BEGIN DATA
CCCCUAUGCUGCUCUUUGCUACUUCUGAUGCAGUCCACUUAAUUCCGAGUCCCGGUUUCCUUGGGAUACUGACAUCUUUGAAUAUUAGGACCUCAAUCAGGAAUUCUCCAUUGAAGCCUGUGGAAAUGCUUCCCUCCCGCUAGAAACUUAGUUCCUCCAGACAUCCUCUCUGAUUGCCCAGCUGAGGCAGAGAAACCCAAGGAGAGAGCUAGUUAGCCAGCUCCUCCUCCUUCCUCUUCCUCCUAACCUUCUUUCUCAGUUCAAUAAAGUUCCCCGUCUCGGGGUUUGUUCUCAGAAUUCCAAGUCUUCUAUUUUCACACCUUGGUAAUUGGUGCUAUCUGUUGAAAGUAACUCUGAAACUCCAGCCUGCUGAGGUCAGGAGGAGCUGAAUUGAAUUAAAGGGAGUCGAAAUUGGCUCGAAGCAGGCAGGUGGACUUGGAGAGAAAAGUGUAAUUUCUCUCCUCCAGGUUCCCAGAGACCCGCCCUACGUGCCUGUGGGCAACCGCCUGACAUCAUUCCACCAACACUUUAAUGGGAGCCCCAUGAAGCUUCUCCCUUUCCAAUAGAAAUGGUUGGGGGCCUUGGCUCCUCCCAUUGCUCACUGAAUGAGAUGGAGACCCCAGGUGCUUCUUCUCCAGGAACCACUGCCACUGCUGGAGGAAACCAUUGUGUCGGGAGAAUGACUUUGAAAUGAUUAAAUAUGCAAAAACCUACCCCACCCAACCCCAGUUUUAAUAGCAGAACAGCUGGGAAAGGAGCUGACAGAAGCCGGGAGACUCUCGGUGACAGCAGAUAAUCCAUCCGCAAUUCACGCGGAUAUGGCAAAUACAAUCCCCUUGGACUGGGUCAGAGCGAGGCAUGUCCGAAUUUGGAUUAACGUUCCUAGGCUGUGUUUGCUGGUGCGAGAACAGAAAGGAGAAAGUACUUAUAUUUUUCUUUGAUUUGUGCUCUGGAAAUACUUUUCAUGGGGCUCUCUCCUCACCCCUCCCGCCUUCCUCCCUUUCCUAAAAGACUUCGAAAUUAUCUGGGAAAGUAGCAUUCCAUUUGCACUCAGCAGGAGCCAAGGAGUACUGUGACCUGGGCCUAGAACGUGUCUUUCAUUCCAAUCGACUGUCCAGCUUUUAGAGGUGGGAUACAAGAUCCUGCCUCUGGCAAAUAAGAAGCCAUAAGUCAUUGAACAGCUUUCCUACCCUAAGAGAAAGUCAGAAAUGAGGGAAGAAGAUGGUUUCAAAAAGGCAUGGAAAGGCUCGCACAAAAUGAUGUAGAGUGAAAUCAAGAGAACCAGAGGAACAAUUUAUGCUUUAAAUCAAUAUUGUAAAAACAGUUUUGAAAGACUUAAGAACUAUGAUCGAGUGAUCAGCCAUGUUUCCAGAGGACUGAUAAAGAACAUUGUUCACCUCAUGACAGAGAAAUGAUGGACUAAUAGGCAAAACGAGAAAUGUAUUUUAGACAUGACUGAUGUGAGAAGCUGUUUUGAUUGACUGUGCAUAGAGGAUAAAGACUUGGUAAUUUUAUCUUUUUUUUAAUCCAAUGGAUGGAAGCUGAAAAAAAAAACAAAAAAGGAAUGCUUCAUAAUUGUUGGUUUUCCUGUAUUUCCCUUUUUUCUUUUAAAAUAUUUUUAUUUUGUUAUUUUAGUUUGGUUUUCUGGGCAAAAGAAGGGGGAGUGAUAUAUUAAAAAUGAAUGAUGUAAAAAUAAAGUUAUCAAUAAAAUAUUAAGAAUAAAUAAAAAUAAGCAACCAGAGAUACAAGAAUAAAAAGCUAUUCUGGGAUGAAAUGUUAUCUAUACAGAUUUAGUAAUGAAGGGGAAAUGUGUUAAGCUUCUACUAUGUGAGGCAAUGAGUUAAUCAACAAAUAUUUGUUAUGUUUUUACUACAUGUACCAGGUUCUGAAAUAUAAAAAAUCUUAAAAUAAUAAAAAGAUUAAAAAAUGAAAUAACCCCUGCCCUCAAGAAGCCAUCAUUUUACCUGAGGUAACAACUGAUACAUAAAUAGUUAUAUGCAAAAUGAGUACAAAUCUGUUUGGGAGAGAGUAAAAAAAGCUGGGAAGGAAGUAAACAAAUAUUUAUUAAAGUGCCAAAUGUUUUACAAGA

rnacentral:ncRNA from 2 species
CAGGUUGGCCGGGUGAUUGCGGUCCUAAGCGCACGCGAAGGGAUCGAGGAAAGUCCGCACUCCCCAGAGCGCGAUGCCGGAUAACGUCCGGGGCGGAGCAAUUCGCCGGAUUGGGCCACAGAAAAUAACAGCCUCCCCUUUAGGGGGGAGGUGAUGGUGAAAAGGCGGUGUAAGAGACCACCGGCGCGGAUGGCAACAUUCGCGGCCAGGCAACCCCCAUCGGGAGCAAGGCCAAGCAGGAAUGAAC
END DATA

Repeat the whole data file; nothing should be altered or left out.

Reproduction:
CCCCUAUGCUGCUCUUUGCUACUUCUGAUGCAGUCCACUUAAUUCCGAGUCCCGGUUUCCUUGGGAUACUGACAUCUUUGAAUAUUAGGACCUCAAUCAGGAAUUCUCCAUUGAAGCCUGUGGAAAUGCUUCCCUCCCGCUAGAAACUUAGUUCCUCCAGACAUCCUCUCUGAUUGCCCAGCUGAGGCAGAGAAACCCAAGGAGAGAGCUAGUUAGCCAGCUCCUCCUCCUUCCUCUUCCUCCUAACCUUCUUUCUCAGUUCAAUAAAGUUCCCCGUCUCGGGGUUUGUUCUCAGAAUUCCAAGUCUUCUAUUUUCACACCUUGGUAAUUGGUGCUAUCUGUUGAAAGUAACUCUGAAACUCCAGCCUGCUGAGGUCAGGAGGAGCUGAAUUGAAUUAAAGGGAGUCGAAAUUGGCUCGAAGCAGGCAGGUGGACUUGGAGAGAAAAGUGUAAUUUCUCUCCUCCAGGUUCCCAGAGACCCGCCCUACGUGCCUGUGGGCAACCGCCUGACAUCAUUCCACCAACACUUUAAUGGGAGCCCCAUGAAGCUUCUCCCUUUCCAAUAGAAAUGGUUGGGGGCCUUGGCUCCUCCCAUUGCUCACUGAAUGAGAUGGAGACCCCAGGUGCUUCUUCUCCAGGAACCACUGCCACUGCUGGAGGAAACCAUUGUGUCGGGAGAAUGACUUUGAAAUGAUUAAAUAUGCAAAAACCUACCCCACCCAACCCCAGUUUUAAUAGCAGAACAGCUGGGAAAGGAGCUGACAGAAGCCGGGAGACUCUCGGUGACAGCAGAUAAUCCAUCCGCAAUUCACGCGGAUAUGGCAAAUACAAUCCCCUUGGACUGGGUCAGAGCGAGGCAUGUCCGAAUUUGGAUUAACGUUCCUAGGCUGUGUUUGCUGGUGCGAGAACAGAAAGGAGAAAGUACUUAUAUUUUUCUUUGAUUUGUGCUCUGGAAAUACUUUUCAUGGGGCUCUCUCCUCACCCCUCCCGCCUUCCUCCCUUUCCUAAAAGACUUCGAAAUUAUCUGGGAAAGUAGCAUUCCAUUUGCACUCAGCAGGAGCCAAGGAGUACUGUGACCUGGGCCUAGAACGUGUCUUUCAUUCCAAUCGACUGUCCAGCUUUUAGAGGUGGGAUACAAGAUCCUGCCUCUGGCAAAUAAGAAGCCAUAAGUCAUUGAACAGCUUUCCUACCCUAAGAGAAAGUCAGAAAUGAGGGAAGAAGAUGGUUUCAAAAAGGCAUGGAAAGGCUCGCACAAAAUGAUGUAGAGUGAAAUCAAGAGAACCAGAGGAACAAUUUAUGCUUUAAAUCAAUAUUGUAAAAACAGUUUUGAAAGACUUAAGAACUAUGAUCGAGUGAUCAGCCAUGUUUCCAGAGGACUGAUAAAGAACAUUGUUCACCUCAUGACAGAGAAAUGAUGGACUAAUAGGCAAAACGAGAAAUGUAUUUUAGACAUGACUGAUGUGAGAAGCUGUUUUGAUUGACUGUGCAUAGAGGAUAAAGACUUGGUAAUUUUAUCUUUUUUUUAAUCCAAUGGAUGGAAGCUGAAAAAAAAAACAAAAAAGGAAUGCUUCAUAAUUGUUGGUUUUCCUGUAUUUCCCUUUUUUCUUUUAAAAUAUUUUUAUUUUGUUAUUUUAGUUUGGUUUUCUGGGCAAAAGAAGGGGGAGUGAUAUAUUAAAAAUGAAUGAUGUAAAAAUAAAGUUAUCAAUAAAAUAUUAAGAAUAAAUAAAAAUAAGCAACCAGAGAUACAAGAAUAAAAAGCUAUUCUGGGAUGAAAUGUUAUCUAUACAGAUUUAGUAAUGAAGGGGAAAUGUGUUAAGCUUCUACUAUGUGAGGCAAUGAGUUAAUCAACAAAUAUUUGUUAUGUUUUUACUACAUGUACCAGGUUCUGAAAUAUAAAAAAUCUUAAAAUAAUAAAAAGAUUAAAAAAUGAAAUAACCCCUGCCCUCAAGAAGCCAUCAUUUUACCUGAGGUAACAACUGAUACAUAAAUAGUUAUAUGCAAAAUGAGUACAAAUCUGUUUGGGAGAGAGUAAAAAAAGCUGGGAAGGAAGUAAACAAAUAUUUAUUAAAGUGCCAAAUGUUUUACAAGA

rnacentral:ncRNA from 2 species
CAGGUUGGCCGGGUGAUUGCGGUCCUAAGCGCACGCGAAGGGAUCGAGGAAAGUCCGCACUCCCCAGAGCGCGAUGCCGGAUAACGUCCGGGGCGGAGCAAUUCGCCGGAUUGGGCCACAGAAAAUAACAGCCUCCCCUUUAGGGGGGAGGUGAUGGUGAAAAGGCGGUGUAAGAGACCACCGGCGCGGAUGGCAACAUUCGCGGCCAGGCAACCCCCAUCGGGAGCAAGGCCAAGCAGGAAUGAAC